von Braun’s huge three-stage Saturn-5 launch vehicle brought a new era to rocketry when it completed its maiden flight in 1967. No one had ever seen or heard anything like it before. The Saturn-5 was a mighty force befitting sending men into space. The first launch of the Saturn-5 came in the Apollo-7 Earth-orbiting mission. This was soon followed by the historic flight of Apollo-8, under astronaut Frank Borman’s command, which orbited around the moon. Finally, the Apollo-11 mission achieved the dream of lunar landing. Astronaut Neil Armstrong conveyed this in his famous quote: “One small step for a man, One giant leap for mankind.” It was the ultimate expression of von Braun’s dream that he had begun nearly 40 years before.

In 1970, von Braun became NASA’s Deputy Associate Administrator for Planning in Washington. There his new space dreams included a nuclear engine to place a shuttle in orbit around the moon and shuttles to place a space station in orbit around Mars so that men could descend and explore its surface. In 1972, von Braun finally left NASA to become Vice President of Engineering and Development with Fairchild Industries. But his dreams continued to become reality. Among them was his concept of the reusable space shuttle that successfully launched in the 1980s and enabled the vigorous exploration on space to continue.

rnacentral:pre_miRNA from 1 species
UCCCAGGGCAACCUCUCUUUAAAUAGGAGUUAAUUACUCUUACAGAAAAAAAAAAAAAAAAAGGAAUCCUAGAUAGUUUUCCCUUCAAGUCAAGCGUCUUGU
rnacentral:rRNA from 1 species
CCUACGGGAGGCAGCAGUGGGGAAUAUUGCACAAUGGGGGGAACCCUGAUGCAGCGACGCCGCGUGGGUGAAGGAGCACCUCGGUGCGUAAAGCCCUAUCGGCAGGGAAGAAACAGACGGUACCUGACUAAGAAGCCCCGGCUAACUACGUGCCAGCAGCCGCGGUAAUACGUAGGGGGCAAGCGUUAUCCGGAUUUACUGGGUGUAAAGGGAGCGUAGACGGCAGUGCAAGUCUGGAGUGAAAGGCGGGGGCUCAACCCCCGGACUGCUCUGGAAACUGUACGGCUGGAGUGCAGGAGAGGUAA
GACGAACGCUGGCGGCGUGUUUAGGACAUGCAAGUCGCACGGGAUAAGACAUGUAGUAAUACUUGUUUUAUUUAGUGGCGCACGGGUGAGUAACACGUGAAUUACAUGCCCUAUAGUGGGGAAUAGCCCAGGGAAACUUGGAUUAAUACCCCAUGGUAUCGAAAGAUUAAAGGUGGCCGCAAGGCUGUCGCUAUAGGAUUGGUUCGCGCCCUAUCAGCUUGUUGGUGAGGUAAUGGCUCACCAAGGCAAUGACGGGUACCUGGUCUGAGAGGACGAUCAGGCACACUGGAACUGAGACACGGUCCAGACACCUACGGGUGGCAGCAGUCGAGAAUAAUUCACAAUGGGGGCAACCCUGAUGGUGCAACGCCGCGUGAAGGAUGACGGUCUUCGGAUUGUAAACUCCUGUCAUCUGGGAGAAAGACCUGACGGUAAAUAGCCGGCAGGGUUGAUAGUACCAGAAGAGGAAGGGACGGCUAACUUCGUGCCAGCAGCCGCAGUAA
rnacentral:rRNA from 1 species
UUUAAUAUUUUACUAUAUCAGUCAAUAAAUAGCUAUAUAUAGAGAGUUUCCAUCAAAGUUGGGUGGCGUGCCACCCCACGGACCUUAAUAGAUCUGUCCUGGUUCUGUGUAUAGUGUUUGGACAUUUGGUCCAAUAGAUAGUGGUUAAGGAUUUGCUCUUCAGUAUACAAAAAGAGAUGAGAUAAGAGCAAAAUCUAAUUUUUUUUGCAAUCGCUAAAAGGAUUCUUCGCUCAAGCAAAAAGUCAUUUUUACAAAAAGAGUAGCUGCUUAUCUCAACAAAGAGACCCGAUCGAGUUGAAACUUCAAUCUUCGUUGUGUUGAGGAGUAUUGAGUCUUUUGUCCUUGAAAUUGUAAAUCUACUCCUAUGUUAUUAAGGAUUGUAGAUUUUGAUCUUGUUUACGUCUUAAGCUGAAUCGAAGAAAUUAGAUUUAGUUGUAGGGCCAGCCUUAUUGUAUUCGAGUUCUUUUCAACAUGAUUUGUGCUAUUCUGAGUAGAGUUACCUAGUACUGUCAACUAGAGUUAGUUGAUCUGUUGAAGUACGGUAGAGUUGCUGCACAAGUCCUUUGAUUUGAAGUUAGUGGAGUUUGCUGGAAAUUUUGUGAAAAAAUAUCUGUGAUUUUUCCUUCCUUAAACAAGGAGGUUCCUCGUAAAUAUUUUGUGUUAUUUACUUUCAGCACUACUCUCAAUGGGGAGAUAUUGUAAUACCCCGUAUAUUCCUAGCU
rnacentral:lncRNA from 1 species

During his lifetime Wernher von Braun had the good fortune to see his youthful dreams come true. But he did far more than dream. His hard work, dedication, and research paved the way for the peaceful exploration of space, landings on the moon, and the sending of inquisitive spacecraft out into the cosmos.

Wernher von Braun died on June 16th, 1977.

For more information on Wernher von Braun, you may want to visit the following websites:

NASA Biography
All Star Network